“The creator can really be bold and contemporary in their design, which can work so well into a modern décor scheme,” she says. 

When looking to elevate your punch needling, Cindy explains that texture lends itself to a more contemporary look and feel, adding that the chunkier, thicker yarns are where it’s at. 

In 2018, Keneilwe Mothoa and her business partner founded Neimil. This lifestyle brand features punch-needle designs ranging from scatter cushions to artworks that remind us of embroidery loops. With Neimil, think abstract portraiture rather than a bowl of lemons on your grandmother’s mantelpiece. 

For Keneilwe, punch needling is a medium that allows her to merge the two things she loves most, interior design and art. 

With cushions, Keneilwe is more selective about colour options and how the piece will look in someone’s home. “But with the art, it’s more expressive and I can go as wild as I can imagine,” she explains. 

The world of tapestry has always been contemporary for Keneilwe, but the choice of colour and type of fibre will certainly elevate the look you are trying to achieve. 

The appeal of punch needling may be linked to the resurgence of other textile mediums like weaving and macramé, notes Lize Ford, the founder of City Sessions who hosts punch needle and embroidery workshops in Gauteng and Cape Town.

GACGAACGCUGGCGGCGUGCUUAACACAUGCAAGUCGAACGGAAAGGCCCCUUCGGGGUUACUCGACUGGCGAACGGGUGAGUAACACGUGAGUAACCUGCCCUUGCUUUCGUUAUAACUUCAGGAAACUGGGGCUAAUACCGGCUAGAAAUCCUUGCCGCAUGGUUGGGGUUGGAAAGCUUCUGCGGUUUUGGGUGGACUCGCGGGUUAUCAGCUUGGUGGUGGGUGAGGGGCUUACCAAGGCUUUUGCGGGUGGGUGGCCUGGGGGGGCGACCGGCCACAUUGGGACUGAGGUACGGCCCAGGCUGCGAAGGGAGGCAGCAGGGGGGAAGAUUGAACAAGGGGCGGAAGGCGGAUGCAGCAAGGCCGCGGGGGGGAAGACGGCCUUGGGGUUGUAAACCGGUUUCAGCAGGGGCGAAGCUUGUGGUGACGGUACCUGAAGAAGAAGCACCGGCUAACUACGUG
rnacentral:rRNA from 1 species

“The punch-needle technique has a nice balance between traditional tapestry and modern design, and the process isn’t intimidating,” she says. 

Better yet, punch needling is very “forgiving and accessible” allowing people to try it and gain a certain success in a project without a huge commitment. Contemporary art is about the relationship between concept and material, according to Christel König, owner and founder of the Wol Online Store that sells punch-needling supplies and also hosts workshops in Cape Town.  

“The range of fabrics and threads that can be applied to [punch needling] gives you so many variations and colour combinations, the transition into contemporary art was inevitable,” Christel recalls. 

A mindful practice 

Punch needling is far beyond just a fun craft. It’s slow, intentional and promotes mindfulness by allowing one to switch off from the rush of the world – a sentiment echoed by both Keneilwe and Lize. 

Lize explains that not only do you get to experiment with playful colours and textures, you get to punch holes in the fabric with a needle – great for letting off some steam.

We’re always on the lookout for a hobby to distract us from the rigours of daily life and if it promotes mindfulness at the same time, it’s a winner. 

It’s clear to us that punch needling has come a long way from our grandmother’s art and craft box. With its newfound contemporary appeal and stress relieving benefits, we can see why this craft is on the rise. 

Words: Rachele Button 
Production: Mila Crewe-Brown and Rachele Button
Images: Supplied with hero image by Rose Pearlman